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November 16, 2010

Indianapolis Social Security Attorney Scott D. Lewis and Your Free Consultation

It shouldn’t be surprising Indiana disability claimants are usually struggling to make ends meet. Indianapolis disability lawyer Scott Lewis understands the financial problems a disabling condition can cause and provides a free consultation to evaluate your Social Security disability benefits claim. Social Security disability attorney Scott Lewis receives numerous calls per week from Indiana residents who are confused by the Social Security process and are happy to hear they can receive a free evaluation of their case. What happens in a free Social Security disability case evaluation? Generally, Mr. Lewis finds these calls fall into two categories: Individuals who have not filed for their Indiana Social Security disability benefits.  These individuals usually have questions as to how disabled they must be, if a particular disabling condition qualifies them for benefits, how long they must be off of work, and finally and perhaps most important how do they file their initial claim.  It is not uncommon for these individuals to have numerous questions as the Indiana Social Security disability process can be confusing.  Indiana residents who have not applied for their Social Security disability benefits need to know the majority of Social Security disability claims are denied at the initial stage.  During this initial free evaluation Indiana Social Security clients should ask disability attorney Scott Lewis as many questions as possible to help clear up any confusion regarding their disability claim or about the Social Security disability claims process.  After all, it’s a free consultation so disability claimants should use it to their advantage. Individuals that have been denied their Indiana Social Security disability benefits.  Most of these Indiana residents call disability lawyer Scott Lewis sounding disgruntled and upset that Social Security is disapproving their claim when they know they are unable to work and support themselves and their family.  Questions … Continued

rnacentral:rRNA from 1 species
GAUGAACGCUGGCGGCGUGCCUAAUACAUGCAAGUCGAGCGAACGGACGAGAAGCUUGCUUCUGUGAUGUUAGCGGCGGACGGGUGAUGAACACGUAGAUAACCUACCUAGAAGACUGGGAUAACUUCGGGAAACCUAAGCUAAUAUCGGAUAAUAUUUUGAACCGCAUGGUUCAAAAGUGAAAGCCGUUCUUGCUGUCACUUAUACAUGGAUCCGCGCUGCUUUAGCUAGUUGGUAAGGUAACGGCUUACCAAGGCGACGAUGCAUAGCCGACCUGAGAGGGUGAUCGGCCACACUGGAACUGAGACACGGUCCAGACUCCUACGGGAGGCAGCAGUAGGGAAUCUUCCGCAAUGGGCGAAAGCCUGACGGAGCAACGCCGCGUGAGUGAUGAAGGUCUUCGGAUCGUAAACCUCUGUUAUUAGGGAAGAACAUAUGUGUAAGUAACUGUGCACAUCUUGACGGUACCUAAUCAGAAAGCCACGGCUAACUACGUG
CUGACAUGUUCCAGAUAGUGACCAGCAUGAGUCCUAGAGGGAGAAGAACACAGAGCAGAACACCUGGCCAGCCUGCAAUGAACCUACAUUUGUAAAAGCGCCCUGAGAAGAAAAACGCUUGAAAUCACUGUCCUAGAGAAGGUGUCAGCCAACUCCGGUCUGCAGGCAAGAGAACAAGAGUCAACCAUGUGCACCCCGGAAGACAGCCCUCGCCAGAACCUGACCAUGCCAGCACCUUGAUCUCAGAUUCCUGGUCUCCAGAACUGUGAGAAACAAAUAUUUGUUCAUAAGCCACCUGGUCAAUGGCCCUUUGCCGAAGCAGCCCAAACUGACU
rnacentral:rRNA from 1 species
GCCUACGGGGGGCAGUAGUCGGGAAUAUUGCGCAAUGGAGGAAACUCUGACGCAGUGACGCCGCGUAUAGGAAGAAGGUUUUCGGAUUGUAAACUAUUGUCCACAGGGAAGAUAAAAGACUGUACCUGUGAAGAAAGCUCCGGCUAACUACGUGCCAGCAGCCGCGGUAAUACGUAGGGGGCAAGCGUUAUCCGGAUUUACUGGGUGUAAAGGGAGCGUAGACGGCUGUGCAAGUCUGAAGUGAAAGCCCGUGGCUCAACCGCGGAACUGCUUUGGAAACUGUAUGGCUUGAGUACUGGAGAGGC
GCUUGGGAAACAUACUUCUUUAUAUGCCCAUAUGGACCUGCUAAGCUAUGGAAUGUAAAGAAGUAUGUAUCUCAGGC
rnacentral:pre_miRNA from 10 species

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November 13, 2010

I am Receiving VA Disability Compensation, Can I Also Receive Social Security Disability?

Many Indiana disabled veterans talk to Indianapolis Social Security Disability Attorney Scott Lewis about receiving Social Security Disability Insurance (SSDI) or Supplemental Security Income (SSI) disability benefits when they are receiving disability compensation from the Veterans Administration (VA). At the present, there are many Indiana disabled veterans coming home from active duty with various disabling conditions; one prominent condition is Post Traumatic Stress Disorder (PTSD). There are several factors to take into consideration when talking about these two very separate programs. 1.  If I qualify for Veterans benefits, do I automatically qualify for Social Security benefits? No. These are two different government programs. An Indiana Social Security disability claimant with a VA rating of 70 percent or more may have a better chance that the Social Security Administration (SSA) will take into consideration the Veterans Administration has found you disabled at such a high rating, but there is no guarantee. 2.  Does the Social Security Administration (SSA) work on percentages like the Veterans Administration?  No, with the Social Security Administration it is all or nothing. They either find you 100% disabled or they don’t. 3.  When should I apply? As soon as you are unable to perform substantial gainful activity (SGA). If you are unable to work because of your disabling condition, you should apply for Indiana Social Security disability benefits immediately. One of the problems Indianapolis Social Security disability lawyer Scott Lewis runs into is that his disabled veteran clients wait too long to apply. Many Indiana veterans leave active duty in a disabled condition and start receiving VA compensation not knowing they are eligible for Indiana Social Security disability benefits. The problem here is that the clock starts ticking and these Indiana veterans don’t know they have a limited time to prove they are disabled before their date last … Continued